That is a really tough shot to make. The sample size of Byrd Junior year according to MaxPreps was 6 games. in those six games Byrd shot 40% from the floor. Byrd father put up a highlight video on YouTube that added a couple of games and the three point percentage was 38%. Still a small sample, but it’s encouraging. Hopefully Byrd continues to shoot well as a high school senior with a larger sample size.
Byrd has also shown some ability to finish at the rim. It will be tougher for him with bigger, longer players playing defense. He’ll need to add strength in order to absorb contact better, and there will be a learning curve to finishing over taller players, but the ability is there.
Byrd has also shown the ability to hit pull up jumpers in the midrange. That ability makes Byrd a three level scorer. That being said, Byrd’s scoring ability is still a little raw. He can score from most anywhere, but isn’t an elite scorer from anywhere.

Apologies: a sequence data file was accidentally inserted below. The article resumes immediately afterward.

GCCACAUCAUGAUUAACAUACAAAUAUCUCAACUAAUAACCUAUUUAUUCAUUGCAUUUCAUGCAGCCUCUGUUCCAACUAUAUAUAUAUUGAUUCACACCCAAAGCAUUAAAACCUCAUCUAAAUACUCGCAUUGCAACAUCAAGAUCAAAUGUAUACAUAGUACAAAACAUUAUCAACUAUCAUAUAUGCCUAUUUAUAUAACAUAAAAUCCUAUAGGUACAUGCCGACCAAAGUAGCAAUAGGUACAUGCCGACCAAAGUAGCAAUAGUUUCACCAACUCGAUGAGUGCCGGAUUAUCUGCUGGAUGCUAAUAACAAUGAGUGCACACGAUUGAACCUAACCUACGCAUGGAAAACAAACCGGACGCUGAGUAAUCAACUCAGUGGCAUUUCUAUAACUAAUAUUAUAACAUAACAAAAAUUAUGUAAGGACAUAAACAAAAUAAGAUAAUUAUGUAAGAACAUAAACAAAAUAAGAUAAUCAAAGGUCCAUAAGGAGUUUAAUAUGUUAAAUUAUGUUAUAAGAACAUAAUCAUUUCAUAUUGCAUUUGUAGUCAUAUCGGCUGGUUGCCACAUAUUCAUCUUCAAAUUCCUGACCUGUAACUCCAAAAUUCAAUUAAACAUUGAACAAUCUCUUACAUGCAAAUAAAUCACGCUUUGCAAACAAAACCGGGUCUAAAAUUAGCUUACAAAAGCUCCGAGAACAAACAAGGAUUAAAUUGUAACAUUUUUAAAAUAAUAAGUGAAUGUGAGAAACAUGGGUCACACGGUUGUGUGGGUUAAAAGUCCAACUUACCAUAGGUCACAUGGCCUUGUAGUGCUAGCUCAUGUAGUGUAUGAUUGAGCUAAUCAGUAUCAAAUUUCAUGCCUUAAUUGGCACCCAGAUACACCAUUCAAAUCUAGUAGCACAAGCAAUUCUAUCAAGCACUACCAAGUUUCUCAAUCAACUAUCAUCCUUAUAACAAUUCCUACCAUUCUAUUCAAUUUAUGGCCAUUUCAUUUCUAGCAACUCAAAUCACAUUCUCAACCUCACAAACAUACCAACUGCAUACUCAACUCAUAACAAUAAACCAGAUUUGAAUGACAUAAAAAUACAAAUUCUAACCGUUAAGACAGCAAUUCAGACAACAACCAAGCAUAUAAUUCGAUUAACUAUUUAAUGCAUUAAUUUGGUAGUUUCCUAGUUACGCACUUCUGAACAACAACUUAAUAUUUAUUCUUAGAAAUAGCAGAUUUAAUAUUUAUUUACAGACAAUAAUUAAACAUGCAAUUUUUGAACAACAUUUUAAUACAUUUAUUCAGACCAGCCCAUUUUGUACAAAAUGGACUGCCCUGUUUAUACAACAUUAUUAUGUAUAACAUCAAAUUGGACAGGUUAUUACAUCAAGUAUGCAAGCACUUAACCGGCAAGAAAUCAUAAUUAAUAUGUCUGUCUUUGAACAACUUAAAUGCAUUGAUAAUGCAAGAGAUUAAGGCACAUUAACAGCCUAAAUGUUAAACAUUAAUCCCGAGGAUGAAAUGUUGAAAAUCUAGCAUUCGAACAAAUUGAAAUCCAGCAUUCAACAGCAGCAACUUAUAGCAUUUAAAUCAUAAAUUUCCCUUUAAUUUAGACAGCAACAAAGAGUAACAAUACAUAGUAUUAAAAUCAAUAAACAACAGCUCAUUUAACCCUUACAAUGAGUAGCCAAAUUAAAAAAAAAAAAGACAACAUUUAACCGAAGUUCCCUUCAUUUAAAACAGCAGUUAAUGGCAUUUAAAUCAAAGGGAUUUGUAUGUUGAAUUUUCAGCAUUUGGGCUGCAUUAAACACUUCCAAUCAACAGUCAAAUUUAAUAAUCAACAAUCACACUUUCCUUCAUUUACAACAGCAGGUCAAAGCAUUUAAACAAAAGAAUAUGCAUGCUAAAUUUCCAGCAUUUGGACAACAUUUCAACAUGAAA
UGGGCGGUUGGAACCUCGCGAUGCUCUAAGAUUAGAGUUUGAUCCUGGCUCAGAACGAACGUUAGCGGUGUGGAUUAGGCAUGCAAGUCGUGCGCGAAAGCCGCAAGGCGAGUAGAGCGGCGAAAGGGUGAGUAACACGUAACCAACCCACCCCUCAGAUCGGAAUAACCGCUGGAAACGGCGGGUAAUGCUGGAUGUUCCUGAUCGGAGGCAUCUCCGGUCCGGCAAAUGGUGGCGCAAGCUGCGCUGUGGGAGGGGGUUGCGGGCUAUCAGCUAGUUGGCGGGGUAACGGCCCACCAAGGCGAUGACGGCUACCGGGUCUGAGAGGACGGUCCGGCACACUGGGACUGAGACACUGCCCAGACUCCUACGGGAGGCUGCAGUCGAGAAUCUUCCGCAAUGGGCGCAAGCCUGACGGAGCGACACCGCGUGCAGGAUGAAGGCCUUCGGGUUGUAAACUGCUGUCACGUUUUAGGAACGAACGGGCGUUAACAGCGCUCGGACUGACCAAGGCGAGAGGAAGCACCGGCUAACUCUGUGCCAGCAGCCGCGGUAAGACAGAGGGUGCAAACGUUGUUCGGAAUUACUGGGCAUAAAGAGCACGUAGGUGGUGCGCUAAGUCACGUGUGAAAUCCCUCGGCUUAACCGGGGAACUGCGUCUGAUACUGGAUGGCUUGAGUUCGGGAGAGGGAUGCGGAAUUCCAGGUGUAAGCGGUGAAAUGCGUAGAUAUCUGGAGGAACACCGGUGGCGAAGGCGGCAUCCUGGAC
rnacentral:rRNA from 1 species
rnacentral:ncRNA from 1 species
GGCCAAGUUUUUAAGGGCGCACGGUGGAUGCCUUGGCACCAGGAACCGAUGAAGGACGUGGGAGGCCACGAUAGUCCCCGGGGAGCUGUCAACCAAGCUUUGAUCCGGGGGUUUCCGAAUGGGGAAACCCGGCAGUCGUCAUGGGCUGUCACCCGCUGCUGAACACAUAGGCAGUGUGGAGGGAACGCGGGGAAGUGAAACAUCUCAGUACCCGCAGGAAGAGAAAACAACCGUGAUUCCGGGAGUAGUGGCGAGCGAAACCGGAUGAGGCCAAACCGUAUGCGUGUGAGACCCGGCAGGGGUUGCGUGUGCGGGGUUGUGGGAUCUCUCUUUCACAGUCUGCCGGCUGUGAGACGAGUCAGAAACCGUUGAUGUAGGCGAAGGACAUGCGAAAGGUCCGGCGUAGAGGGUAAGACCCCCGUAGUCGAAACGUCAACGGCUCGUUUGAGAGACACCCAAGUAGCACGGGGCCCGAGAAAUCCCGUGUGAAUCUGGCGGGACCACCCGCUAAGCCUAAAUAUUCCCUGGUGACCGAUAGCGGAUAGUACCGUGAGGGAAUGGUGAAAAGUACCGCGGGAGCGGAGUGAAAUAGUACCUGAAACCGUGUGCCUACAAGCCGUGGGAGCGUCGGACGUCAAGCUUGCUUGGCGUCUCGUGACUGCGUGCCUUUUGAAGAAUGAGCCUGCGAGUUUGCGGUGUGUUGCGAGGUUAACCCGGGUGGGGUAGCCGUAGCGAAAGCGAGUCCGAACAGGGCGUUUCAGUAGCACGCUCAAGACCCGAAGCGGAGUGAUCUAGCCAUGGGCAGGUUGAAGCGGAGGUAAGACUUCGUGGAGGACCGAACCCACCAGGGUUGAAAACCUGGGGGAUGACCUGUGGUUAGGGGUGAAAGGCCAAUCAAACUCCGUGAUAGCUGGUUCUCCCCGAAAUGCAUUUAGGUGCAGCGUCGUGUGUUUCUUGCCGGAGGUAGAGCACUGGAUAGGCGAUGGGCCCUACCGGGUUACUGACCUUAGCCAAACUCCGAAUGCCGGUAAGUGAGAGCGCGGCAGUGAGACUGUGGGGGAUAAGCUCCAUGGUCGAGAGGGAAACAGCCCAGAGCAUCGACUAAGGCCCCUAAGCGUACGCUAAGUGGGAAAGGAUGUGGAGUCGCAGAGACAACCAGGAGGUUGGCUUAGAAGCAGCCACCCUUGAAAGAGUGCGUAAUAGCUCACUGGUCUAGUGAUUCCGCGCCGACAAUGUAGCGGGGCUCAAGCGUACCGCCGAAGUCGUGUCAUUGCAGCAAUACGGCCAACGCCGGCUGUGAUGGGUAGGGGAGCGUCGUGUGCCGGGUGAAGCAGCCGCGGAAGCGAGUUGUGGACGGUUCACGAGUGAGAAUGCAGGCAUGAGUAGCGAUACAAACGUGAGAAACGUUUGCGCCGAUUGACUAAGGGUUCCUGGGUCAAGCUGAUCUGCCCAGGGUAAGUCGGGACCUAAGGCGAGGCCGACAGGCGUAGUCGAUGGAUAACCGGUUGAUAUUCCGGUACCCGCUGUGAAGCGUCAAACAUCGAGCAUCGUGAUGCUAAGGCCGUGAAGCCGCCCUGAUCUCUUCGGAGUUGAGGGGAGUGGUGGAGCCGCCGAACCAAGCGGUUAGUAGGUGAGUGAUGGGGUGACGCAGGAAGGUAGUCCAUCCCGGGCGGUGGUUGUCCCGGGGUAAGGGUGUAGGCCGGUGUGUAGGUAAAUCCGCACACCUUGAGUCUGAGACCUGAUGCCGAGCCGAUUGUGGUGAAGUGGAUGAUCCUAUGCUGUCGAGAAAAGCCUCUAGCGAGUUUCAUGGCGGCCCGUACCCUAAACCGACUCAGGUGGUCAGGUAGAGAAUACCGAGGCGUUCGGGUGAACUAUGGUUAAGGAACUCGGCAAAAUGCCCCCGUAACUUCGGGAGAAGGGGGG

Something Byrd does well, especially for his size and position, is create shots. Byrd can create shots for himself, or he can draw double teams and create shots for others. He can create shots in a variety of situations as well. He has been used in the pick and roll, in the post, and is probably best in isolation.
Watch below as he comes off a screen, notices the defender show to high, snakes the dribble, forces the defensive center to step up, and then passes to the player in the dunker spot who scores.
Byrd also has a number of passes to get the ball to the weakside, whether it be the corner or the wing. He has high confidence in his ability to pass the ball, and seems to take pride in getting his teammates involved.